TRIGONOMETRY: Can somebody out there dredge up their high school trigonometry and figure out how tall an object would have to be to be seen at sea from a distance of 20 miles and at 40 miles at sea level and at altitudes of 1,000, 5,000, and 10,000 feet? I know you have to figure in the curvature on the earth on this one, or else our geometry experts could weigh in on the problem.

SMOKE: Also, as Ric has pointed out there are some CYA statements in Commander Thompson's report on the Earhart flight. There are also a couple inconsistencies that even a novice can pick out.

"[L]aying down smoke screen . . .": How can the Itasca lay down a smoke screen if she is not moving?

The general idea of a smoke screen, or in this case a beacon, is to use the ship's forward movement to disperse a sufficient volume of smoke to be seen from afar by other ships and aircraft. The effectiveness of a smoke screen depends on the wind conditions, the ship's heading and the amount of smoke it can make. But most importantly it depends upon the ship to be moving.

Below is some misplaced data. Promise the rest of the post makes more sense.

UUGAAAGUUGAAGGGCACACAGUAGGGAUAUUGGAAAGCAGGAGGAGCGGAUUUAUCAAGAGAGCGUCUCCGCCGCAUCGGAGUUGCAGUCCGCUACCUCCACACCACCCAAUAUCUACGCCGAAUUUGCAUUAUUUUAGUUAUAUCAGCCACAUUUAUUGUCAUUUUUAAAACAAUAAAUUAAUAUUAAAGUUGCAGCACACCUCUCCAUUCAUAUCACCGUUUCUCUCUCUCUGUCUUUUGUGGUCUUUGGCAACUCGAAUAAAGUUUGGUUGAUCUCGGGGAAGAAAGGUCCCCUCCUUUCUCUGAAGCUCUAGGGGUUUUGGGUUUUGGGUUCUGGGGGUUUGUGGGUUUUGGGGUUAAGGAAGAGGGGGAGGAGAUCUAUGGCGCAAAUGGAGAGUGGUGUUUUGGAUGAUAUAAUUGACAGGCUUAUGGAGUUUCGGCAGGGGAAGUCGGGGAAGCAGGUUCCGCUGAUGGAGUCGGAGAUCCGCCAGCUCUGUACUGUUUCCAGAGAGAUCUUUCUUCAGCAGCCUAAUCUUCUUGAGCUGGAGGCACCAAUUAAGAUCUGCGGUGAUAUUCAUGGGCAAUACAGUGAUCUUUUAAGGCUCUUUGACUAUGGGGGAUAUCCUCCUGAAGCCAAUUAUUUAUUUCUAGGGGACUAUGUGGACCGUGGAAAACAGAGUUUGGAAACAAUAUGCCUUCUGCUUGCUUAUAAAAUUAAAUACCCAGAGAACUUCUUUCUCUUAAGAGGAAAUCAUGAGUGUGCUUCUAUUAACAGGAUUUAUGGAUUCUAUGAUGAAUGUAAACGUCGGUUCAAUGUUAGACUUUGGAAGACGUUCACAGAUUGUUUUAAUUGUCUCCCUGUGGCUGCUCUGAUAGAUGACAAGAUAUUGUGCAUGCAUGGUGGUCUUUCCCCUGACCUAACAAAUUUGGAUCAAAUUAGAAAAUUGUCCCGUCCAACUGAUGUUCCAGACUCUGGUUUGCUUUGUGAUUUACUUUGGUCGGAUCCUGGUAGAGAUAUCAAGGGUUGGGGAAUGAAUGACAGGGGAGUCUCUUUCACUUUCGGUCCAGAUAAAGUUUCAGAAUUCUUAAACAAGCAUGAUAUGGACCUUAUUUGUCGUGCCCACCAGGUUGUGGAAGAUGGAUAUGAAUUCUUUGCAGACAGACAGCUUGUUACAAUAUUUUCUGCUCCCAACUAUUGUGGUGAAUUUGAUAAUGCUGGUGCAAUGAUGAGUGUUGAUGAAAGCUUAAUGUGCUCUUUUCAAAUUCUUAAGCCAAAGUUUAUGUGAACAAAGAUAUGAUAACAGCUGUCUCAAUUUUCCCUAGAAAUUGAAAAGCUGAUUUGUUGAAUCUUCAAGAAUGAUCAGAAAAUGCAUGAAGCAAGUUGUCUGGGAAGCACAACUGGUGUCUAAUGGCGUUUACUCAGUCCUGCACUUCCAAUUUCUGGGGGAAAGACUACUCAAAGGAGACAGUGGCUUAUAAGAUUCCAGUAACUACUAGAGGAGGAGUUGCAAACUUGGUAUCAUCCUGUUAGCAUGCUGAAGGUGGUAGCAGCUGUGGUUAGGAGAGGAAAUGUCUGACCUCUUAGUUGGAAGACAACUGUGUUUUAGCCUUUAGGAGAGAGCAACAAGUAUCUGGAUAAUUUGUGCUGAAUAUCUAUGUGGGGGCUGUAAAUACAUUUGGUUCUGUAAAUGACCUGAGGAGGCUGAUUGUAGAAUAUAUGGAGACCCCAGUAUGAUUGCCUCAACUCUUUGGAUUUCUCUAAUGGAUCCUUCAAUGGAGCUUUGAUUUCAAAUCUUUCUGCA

In a no-wind situation, you can make smoke sitting still but I suspect all you'd do is foul the deck with soot, as the smoke settles on the stationary ship.

And even if you had a wind it would foolish to rely on the wind alone to make it an effective "smoke screen." The idea of a moving ship is to put the smoke screen where you want it.

" . . . stretching for 10 miles": Hm-m-m, this too sounds self-serving. Here the commander has quantified his actions. He is asking us to believe that the Itasca was creating a smoke plume thick enough (sufficient particulate matter in suspension) and with enough heat energy (BTUs) to stay aloft and stretch out 10 miles -- all while remaining stationary. That would be quite a breeze to accomplish that.